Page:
Well, here it is: the London media goodie bag. It’s the first thing we journos get at the Main Press Centre. (I still have the bag from my first Olympics, a red carry-all from Calgary in 1988. Calgary wasn’t a great Games from a Canadian medal point of view, but the spirit of the city, and the province, and the army of volunteers, was an introduction to one of the best things about having the Olympic circus come to down.)
Anyway, inside London’s very nice computer backpack is a collection of the essentials. First off, and you have to admire the British optimism, is a Gillette spray bomb of skin conditioning sunscreen.
Turns out we actually need it. After long months of rain, the temperatures have been gloriously warm, and the sky has been a cloudless blue. So unexpected is the 30-degree weather after months of monsoon, that last night I saw dollies laden with electric fans being wheeled into the Athletes’ Village. Apparently there have been sweaty sleepless nights in the village.
I’d expected to see an umbrella in the goodie bag, but again, there’s that British optimism. I hear they even have fake clouds and artificial rain planned for the opening ceremony Friday, if the heavens don’t provide the real deal.
What else? Let’s see, there’s the Transport Guide, a spiral bound monstrosity that shows the media bus routes and timing to get to the various events. I’ll be covering rowing in the early going at the Eton Dorney course, just across the way from Windsor Castle. It says, optimistically, 63 minutes to get there from the Main Press Centre, or MPC as it’s called, and 69 minutes on the return. Add another 45 minutes to get from the Maclean’s bureau in London, a rambling old house we’ve rented near the Tufnel Park Underground Station on London’s Northern Line, and another 30 minutes for various security pat-downs, and it turns into an epic journey. And that’s with media buses using the already-hated Olympic lanes. It offends my egalitarian nature to speed past the rest of the snarled London traffic, but without those lanes the television-dependent Olympic schedule would collapse in a smoking ruin.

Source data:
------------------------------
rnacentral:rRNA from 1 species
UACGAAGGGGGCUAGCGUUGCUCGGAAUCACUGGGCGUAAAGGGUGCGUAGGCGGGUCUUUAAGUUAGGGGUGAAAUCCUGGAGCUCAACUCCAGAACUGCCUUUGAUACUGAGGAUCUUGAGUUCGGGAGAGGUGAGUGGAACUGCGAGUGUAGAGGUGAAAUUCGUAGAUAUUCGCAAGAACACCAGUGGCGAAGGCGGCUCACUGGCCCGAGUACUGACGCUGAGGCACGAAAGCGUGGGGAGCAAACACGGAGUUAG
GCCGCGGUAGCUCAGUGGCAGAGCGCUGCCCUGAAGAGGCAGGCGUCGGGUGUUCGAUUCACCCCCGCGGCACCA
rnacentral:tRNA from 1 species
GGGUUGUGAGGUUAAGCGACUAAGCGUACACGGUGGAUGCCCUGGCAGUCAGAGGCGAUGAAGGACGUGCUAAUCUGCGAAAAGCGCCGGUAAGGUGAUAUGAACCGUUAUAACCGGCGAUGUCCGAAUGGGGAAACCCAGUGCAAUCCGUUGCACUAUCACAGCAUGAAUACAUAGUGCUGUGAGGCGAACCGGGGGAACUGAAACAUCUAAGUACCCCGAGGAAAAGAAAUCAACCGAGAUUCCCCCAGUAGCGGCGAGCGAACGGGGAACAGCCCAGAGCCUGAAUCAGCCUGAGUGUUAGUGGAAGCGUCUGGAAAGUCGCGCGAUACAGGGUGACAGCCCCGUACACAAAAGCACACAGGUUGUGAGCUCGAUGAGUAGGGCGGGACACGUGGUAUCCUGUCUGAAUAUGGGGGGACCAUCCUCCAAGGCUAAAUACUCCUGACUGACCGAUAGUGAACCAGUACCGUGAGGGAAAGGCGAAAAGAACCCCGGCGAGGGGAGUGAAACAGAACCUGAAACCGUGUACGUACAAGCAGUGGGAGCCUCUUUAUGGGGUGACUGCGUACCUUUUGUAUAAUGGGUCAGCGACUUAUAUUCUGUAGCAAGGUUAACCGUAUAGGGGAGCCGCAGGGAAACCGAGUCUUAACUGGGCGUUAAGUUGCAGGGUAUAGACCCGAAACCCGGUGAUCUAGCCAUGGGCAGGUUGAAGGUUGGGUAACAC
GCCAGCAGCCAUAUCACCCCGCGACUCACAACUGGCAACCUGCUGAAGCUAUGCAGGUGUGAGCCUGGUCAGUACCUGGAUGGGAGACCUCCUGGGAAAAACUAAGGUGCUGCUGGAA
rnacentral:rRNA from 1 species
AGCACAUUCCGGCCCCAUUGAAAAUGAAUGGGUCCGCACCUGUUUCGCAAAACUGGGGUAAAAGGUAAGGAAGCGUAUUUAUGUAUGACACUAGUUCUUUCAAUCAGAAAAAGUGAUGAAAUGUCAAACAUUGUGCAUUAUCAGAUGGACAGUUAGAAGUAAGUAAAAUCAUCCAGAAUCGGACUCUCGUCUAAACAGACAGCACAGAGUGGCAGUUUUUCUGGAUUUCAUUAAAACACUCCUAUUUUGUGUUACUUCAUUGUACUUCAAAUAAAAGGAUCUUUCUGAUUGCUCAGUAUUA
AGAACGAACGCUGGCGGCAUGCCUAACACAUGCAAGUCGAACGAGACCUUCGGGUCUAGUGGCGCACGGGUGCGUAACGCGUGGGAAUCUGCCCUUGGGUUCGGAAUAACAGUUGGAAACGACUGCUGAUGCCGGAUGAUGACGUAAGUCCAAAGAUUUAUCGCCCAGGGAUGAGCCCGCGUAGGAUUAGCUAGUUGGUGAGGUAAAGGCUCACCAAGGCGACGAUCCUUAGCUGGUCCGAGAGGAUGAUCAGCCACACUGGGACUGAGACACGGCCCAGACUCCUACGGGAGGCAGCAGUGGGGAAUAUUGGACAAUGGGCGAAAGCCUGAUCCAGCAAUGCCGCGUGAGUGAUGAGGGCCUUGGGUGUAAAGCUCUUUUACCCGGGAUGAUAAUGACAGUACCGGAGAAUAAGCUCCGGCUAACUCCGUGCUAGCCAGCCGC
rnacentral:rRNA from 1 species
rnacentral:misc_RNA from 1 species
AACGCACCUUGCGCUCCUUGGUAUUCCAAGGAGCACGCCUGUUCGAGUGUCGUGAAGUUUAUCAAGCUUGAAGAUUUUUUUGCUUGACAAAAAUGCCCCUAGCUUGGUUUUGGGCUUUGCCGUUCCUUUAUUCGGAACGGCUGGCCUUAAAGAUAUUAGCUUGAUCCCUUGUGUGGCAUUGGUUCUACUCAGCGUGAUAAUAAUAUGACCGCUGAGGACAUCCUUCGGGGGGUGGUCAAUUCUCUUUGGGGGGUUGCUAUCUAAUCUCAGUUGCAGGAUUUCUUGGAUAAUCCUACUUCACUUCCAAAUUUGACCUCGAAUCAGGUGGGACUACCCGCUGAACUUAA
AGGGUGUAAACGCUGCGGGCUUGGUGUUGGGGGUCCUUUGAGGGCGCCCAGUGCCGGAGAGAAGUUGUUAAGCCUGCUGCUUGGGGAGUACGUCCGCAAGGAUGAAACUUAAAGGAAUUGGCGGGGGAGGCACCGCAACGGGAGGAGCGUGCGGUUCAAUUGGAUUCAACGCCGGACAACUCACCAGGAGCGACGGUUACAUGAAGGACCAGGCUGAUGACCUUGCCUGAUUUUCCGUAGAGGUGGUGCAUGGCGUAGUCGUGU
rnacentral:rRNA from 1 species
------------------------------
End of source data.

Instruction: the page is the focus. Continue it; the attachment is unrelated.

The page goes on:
Also in the bag is the media handbook, with the competition schedules and venue maps for some 37 events. And the essential city A-Z map directory to navigate the tangle of spaghetti streets that is London.
There’s also a reporter’s notebook from McDonald’s, a pen and a menu of the services at the 31,000 square-metre MPC, located in the confines of the Olympic Park. It’s our own 24-hour-a-day world of restaurants, bars, a pharmacy, bank, gift shop, medical clinic, and plenty of work space, now filling up with writers and photographers. There’s a massage centre, where you pay by donation, a “quiet room” if you wish to catch a nap (not us, boss!) and a free hair salon/barber shop that I expect will be heavily used by the beautiful people working next door in the mammoth International Broadcast Centre.
I wander up to the Canadian Olympic Committee offices in the MPC where I’m offered an umbrella. If I were a cynic I’d say that was Canada’s way of poking fun at the Brits who lambasted Canada for the rain that hammered Cypress Mountain during the Vancouver 2010 Olympics. But perhaps they’re just to shelter us from the sun?